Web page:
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Science Evolution and Creationism
Books on Evolution, the Nature of Science, andScience Education
The following list of references represents a sampling of the vast literature available on evolution, science, and science education. Please visit our World Wide Web address, http://nationalacademies.org/evolution, for more extensive resource listings for these subjects. The National Academy of Sciences does not endorse all the views or perspectives expressed by the authors of the following books.
Books on Evolution
Ayala, Francisco J. 2007. Darwin’s Gift to Science andReligion. Washington, DC: Joseph Henry Press.
An evolutionary biologist with a background in theology explains the science of evolution and its compatibility with faith.
Carroll, Sean B. 2006. The Making of the Fittest: DNAand the Ultimate Forensic Record of Evolution. New York: Norton.
Links changes in DNA over time to the evolution of organisms and explores the new science of evolutionary-development biology, or “evo-devo.”
Dawkins, Richard. 1996. Climbing Mount Improbable. New York: Norton.
An authoritative and elegant account of the evolutionary origins of the “design” of organisms.
Dennett, Daniel C. 1995. Darwin’s Dangerous Idea:Evolution and the Meanings of Life. New York: Simon and Schuster.
An exploration of Darwin’s conceptual advances and of how those advances have influenced other areas of thought.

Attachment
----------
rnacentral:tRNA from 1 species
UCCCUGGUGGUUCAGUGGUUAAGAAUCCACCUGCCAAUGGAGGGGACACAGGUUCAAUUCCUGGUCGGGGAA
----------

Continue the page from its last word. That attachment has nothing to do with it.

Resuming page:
Fortey, Richard. 1998. Life: A Natural History of the FirstFour Billion Years of Life on Earth. New York: Knopf.
A lively account of the history of life on Earth.
Gould, Stephen J. 1992. The Panda’s Thumb. New York: W.W. Norton.
Gould’s columns from Natural History magazine have been collected into a series of books, including Ever Since Darwin, Hen’s Teeth and Horses’ Toes,Eight Little Piggies, The Flamingo’s Smile, and Bully forBrontosaurus. All are good popular introductions to the basic ideas behind evolution, and extremely readable.
Hazen, Robert M. 2006. Genesis: The Scientific Quest forLife’s Origins. Washington, DC: Joseph Henry Press.
An engaging introduction to current ideas about the origin of life on Earth, featuring vivid descriptions of the experiments Hazen and others are doing to test possible mechanisms.
Horner, John R., and Edwin Dobb. 1997. Dinosaur Lives:Unearthing an Evolutionary Saga. New York: Harper Collins.
What it’s like to uncover fossilized bones, eggs, and more, plus Horner’s views on dinosaurs and evolution.
Kirschner, Marc W., and John C. Gerhart. 2005. ThePlausibility of Life: Resolving Darwin’s Dilemma. New Haven, CT: Yale University Press.
Explains how small changes in the DNA of an organism can produce new biological structures and systems.
Mayr, Ernst. 2001. What Evolution Is. New York: Basic Books.
An authoritative and comprehensive overview of evolutionary theory.
Mindell, David P. 2006. The Evolving World: Evolutionin Everyday Life. Cambridge, MA: Harvard University Press.
Describes the many practical applications of evolutionary knowledge in medicine, agriculture, conservation biology, and other fields.
National Academy of Sciences. 1998. Teaching AboutEvolution and the Nature of Science. Washington, DC: National Academy Press.
A guide for educators, policy makers, parents, and others that offers guidance on teaching about evolution and the nature of science.
Weiner, Jonathan. 1994. The Beak of the Finch: A Story ofEvolution in Our Time. New York: Knopf.
Discussion of basic evolutionary principles and how they are illustrated by ongoing evolution of the finches on the Galápagos Islands.
Zimmer, Carl. 2002. Evolution: The Triumph of an Idea. New York: Harper.
A broad overview of evolution — and companion to a PBS series of the same name — that examines the influence and scope of Darwin’s ideas.